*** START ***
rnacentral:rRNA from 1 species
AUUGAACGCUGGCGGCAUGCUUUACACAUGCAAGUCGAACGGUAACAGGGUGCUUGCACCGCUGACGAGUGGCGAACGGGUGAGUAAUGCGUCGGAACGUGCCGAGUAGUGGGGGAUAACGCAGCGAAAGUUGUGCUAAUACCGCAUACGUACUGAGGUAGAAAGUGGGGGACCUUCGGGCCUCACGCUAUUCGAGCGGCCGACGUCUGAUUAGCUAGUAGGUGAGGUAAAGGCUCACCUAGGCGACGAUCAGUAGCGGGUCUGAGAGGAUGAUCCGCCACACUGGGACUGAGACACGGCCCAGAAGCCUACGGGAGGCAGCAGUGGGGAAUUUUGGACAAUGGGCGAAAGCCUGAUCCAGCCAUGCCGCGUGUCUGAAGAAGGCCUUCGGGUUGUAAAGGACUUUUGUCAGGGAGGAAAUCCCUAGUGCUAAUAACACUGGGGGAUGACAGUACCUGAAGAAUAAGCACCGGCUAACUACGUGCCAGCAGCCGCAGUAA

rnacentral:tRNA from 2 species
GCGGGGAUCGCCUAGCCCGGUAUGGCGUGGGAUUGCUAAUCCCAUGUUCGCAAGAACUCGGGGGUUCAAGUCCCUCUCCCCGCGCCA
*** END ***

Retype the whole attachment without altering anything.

rnacentral:rRNA from 1 species
AUUGAACGCUGGCGGCAUGCUUUACACAUGCAAGUCGAACGGUAACAGGGUGCUUGCACCGCUGACGAGUGGCGAACGGGUGAGUAAUGCGUCGGAACGUGCCGAGUAGUGGGGGAUAACGCAGCGAAAGUUGUGCUAAUACCGCAUACGUACUGAGGUAGAAAGUGGGGGACCUUCGGGCCUCACGCUAUUCGAGCGGCCGACGUCUGAUUAGCUAGUAGGUGAGGUAAAGGCUCACCUAGGCGACGAUCAGUAGCGGGUCUGAGAGGAUGAUCCGCCACACUGGGACUGAGACACGGCCCAGAAGCCUACGGGAGGCAGCAGUGGGGAAUUUUGGACAAUGGGCGAAAGCCUGAUCCAGCCAUGCCGCGUGUCUGAAGAAGGCCUUCGGGUUGUAAAGGACUUUUGUCAGGGAGGAAAUCCCUAGUGCUAAUAACACUGGGGGAUGACAGUACCUGAAGAAUAAGCACCGGCUAACUACGUGCCAGCAGCCGCAGUAA

rnacentral:tRNA from 2 species
GCGGGGAUCGCCUAGCCCGGUAUGGCGUGGGAUUGCUAAUCCCAUGUUCGCAAGAACUCGGGGGUUCAAGUCCCUCUCCCCGCGCCA